What Makes A Game… Fun?
By Nathaniel Liles
We live in a time that many believe to be “lacking that retro charm”, and many people are convinced that games simply are not as good as they used to be. I’m not quite convinced yet, and although many times game developers hold your hand a little too much with condescending tutorials and P-Wings that fly you straight to the flagpole, there are plenty of people who do the exact opposite, and it’s just as bad. Now, what’s the exact opposite of “so easy it’s insulting”?
Now I’m sure I’m going to absorb all kinds of verbal shrapnel for saying this, but I don’t want my video games to be mind-numbingly difficult. I play video games to relax, to have fun, and to live the life of another, fictional, dude for a little while, and if that little fictional dude is constantly getting his ass rounded off, it reminds me too much of real life and I get all sad and junk. It reminds me that I have homework to do and that I should probably shower sometime this week.
People talk about the “good old days” when games were tough-as-nails, and beating them took a real man, but they weren’t difficult to make you be a real man. They were difficult because those cartridges had extremely limited space and the game companies wanted you to feel like you got your $60 worth. It was okay to play the same bit over and over again trying to beat it because video games were, in and of themselves, a novel concept back then. It was okay to sit there doing the same thing because making lights dance on your screen with buttons was exciting all by itself, but we’ve gotten used to that, now. Making lights dance on a screen is as blasé and standard as eating and walking now, and when I get stuck on a particularly tough part of a game, I get sick of seeing the same thing over and over because I know the game has so much more to offer me. I don’t want to keep fighting this hard-ass boss, Giana Sisters, I want to see what beautiful trees lie beyond it.
I understand the place of a good challenge in games, and I don’t think games should be stripped of their tough-as-nails options, but when you have no option, it really grates on my patience. Games should definitely have multiple difficulty settings, because video games aren’t exclusively for hardcore joystick warriors. Video games aren’t just a challenge made of code. They didn’t insult my mum or kick sand in my face, so I don’t feel an urge to conquer them. I want to hang out with video games. I want to high-five them and frolic through the god damn meadows. Sure, sometimes I’ll skin my knee or step on a pixie, but a game, to me, is about enjoying what the developer has presented to me, and I don’t have the time, stomach, or testosterone to stare angrily at a game until it catches fire and lets me win.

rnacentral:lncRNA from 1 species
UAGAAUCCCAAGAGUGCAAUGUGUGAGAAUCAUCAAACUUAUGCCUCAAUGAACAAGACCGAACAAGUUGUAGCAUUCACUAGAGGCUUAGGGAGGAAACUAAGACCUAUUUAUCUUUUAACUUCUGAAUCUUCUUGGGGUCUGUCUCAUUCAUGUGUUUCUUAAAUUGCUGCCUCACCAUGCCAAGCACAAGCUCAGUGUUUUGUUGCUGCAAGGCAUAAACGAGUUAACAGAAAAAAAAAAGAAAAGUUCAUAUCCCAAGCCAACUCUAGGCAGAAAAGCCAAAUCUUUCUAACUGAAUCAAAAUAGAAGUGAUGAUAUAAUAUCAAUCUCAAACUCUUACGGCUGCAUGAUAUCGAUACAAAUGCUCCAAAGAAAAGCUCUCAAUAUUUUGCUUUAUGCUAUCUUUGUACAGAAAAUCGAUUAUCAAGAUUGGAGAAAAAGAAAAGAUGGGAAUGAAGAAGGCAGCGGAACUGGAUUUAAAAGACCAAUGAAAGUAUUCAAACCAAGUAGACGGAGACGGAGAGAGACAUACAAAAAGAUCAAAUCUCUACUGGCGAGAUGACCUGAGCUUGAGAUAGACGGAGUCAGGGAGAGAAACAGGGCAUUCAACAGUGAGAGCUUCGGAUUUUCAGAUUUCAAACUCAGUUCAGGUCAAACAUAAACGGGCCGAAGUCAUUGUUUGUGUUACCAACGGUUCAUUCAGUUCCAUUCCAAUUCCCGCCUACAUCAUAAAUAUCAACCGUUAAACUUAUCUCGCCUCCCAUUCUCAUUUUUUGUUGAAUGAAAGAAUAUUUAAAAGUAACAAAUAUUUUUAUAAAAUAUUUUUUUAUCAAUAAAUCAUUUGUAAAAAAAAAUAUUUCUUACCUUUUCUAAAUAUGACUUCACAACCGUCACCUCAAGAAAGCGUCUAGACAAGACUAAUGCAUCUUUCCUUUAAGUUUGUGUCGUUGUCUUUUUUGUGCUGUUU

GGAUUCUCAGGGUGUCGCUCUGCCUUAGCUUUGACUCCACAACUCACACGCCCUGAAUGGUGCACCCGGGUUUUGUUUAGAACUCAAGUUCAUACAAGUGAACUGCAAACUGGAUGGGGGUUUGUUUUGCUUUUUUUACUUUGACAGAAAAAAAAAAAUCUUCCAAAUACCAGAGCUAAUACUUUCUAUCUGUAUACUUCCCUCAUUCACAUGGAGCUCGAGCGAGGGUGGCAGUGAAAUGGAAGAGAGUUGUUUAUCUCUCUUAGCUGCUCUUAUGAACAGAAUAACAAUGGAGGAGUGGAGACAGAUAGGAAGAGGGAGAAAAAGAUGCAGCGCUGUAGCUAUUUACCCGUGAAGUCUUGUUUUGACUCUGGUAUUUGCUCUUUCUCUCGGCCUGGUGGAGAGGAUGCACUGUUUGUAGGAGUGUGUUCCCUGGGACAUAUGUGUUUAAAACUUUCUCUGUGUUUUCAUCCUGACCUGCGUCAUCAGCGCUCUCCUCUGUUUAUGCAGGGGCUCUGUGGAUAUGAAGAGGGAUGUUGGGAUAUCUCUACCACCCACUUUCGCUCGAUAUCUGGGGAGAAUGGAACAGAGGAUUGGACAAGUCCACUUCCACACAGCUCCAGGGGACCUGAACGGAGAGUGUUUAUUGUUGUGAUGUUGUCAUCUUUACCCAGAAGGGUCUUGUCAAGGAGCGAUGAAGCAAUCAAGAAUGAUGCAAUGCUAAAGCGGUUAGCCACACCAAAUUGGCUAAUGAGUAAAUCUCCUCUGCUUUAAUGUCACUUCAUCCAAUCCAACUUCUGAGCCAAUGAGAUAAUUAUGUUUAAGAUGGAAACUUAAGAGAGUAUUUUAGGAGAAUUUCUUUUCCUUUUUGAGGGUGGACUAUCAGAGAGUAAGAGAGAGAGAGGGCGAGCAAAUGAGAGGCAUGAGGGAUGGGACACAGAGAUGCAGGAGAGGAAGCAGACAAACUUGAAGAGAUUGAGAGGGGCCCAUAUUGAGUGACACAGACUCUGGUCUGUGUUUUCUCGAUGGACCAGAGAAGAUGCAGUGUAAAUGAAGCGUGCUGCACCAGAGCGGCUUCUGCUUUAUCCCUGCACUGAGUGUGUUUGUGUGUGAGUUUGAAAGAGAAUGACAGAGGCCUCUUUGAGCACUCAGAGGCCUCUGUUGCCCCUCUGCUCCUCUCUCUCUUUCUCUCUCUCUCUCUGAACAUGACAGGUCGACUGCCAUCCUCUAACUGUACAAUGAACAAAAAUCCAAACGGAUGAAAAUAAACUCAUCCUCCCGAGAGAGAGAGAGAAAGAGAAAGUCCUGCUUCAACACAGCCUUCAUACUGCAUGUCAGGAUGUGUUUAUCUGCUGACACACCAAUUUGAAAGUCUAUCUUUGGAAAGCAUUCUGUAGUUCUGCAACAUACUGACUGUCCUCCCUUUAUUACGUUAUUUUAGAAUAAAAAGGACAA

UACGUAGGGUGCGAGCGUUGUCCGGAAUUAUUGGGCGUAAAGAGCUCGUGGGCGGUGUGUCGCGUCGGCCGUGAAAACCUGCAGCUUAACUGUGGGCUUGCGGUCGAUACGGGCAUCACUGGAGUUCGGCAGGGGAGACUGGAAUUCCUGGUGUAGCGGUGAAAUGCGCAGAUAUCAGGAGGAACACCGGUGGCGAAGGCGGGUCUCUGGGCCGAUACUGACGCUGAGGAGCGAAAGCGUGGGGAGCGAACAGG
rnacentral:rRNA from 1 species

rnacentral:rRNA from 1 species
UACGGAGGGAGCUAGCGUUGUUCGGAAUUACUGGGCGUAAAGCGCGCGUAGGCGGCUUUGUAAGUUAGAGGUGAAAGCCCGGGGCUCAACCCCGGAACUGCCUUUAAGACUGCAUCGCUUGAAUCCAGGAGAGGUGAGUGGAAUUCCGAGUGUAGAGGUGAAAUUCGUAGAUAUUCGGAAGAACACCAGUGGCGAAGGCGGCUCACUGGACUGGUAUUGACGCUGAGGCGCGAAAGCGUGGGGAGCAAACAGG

My entire opinion here can be summed up as so: when I play an obnoxiously hard game, I do eventually win. I try and try and try, and eventually, I beat the game. It feels fine, no better than beating a well-paced game, but the difference lies in time consumed. When I look at the play time of a hard game, I see that I’ve played for, say, 11 hours. That’s all fine and dandy, I’ve spent much more time than that on other games, but then I break it down in my head… I spent 2 hours trying to beat that first boss… It took me just as long to beat the second boss, and the last boss took an hour longer… And then it dawns upon me… That game was only 4 hours long? I wasted 7 hours playing the same level over and over again? I could’ve beaten an entire, full-length game in that amount of time!